Monday, WAGA’s George Franco got arrested while covering the oil cleanup in Pensacola Beach. He was charged with misdemeanor battery during an encounter with a BP subcontractor. “Franco grabbed his arm and spun him around,” the police report says. Read the reports by clicking the images below.
Photographer Chris Rosenthal rolled on a portion of Franco’s encounter with a BP subcontractor named Joshua James Mitchell. WAGA hasn’t shown the video on TV or the web.
The video doesn’t show the contact explicitly. Just outside of the frame however, one surmises Franco’s left hand touches the right arm of Mitchell. Mitchell freaks out: “Hey! Get your hands off of me. Get your hands off of me!” Franco raises a hand to object. “You touched me again, sir,” Mitchell says. As this is happening, Mitchell is backing away from Franco. Holding a WAGA stick mic, Franco continues to step toward Mitchell. “Do not touch me again.” Franco apologizes, but continues his mic-wielding pursuit.
Franco was inside a staging area on a parking lot at Pensacola Beach. There are trucks and buses and equipment on the lot, apparently used by workers cleaning up the oil mess. Twenty seconds later, Mitchell calmly but firmly tells Franco repeatedly that he isn’t authorized to be in the staging area and needs to leave.
Franco’s presence in the staging area may be explainable. Sure, a loud guy wearing a reflective vest is demanding that you leave; that doesn’t mean he has any authority to do so. If the general public isn’t restricted from the site, then Franco and Rosenthal shouldn’t be restricted either. I don’t know whether the area had any signage marking it as restricted.
Franco’s pursuit of a story about the cleanup workers is also understandable. WAGA had dispatched them to the Florida panhandle late last week. Franco was undoubtedly looking for a fresh angle on a story he’d already covered in several newscasts.
But the encounter is puzzling. Certainly, Franco knew that BP subcontractors had been gagged by BP. On one hand — a gag rule doesn’t necessarily rule out tidbits of commentary from those gagged. If a reporter pursues it correctly — casual conversation works best for me, not bellicose pursuit with a hand mic — sometimes those who want to talk will find a way to do it.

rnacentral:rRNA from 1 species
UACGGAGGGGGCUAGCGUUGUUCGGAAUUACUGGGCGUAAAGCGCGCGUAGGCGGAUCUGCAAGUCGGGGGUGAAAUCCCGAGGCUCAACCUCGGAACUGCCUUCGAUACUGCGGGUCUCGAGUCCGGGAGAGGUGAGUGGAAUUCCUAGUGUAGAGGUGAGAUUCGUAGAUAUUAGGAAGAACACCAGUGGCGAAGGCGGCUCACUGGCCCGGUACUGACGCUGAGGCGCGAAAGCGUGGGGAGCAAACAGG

On the other hand, it seems pretty clear: Once the guy erupts over the arm contact, the odds of engaging him for purposes of your TV story become almost nonexistent. Although the “battery” had apparently already taken place, Mitchell continued to invite Franco to leave. (The police report says Mitchell told Franco he was free to shoot the staging area from the exterior perimeter.) Franco probably now wishes he’d accepted the offer.
Franco was arrested around midday Monday. By 5pm he was out of the Escambia County jail and doing live shots for WAGA. NewsBlues reports that WAGA never mentioned Franco’s arrest; a coworker (of mine) reports that WAGA mentioned the arrest in their noon news Monday. WAGA news director Budd McEntee told the AJC that Franco and the station deny the charges.
The video does not show Franco “grabbing” and “spinning” the subcontractor, as described in the police report (the report says Mitchell outweighs Franco by 100 pounds). But it shows Franco pursuing Mitchell beyond a zone of comfort. Editorially, I can’t figure out what Franco expected to get from him. As a BP subcontractor, Mitchell wasn’t responsible for the spill or the mess on the beach. “Are you gonna get on the beach and clean up? There’s a bunch of tar balls!” Franco is heard asking, as Mitchell continues to order him away. Perhaps the idea is to ask Mitchell how he feels about it.
Instead, we find out how he felt about Franco.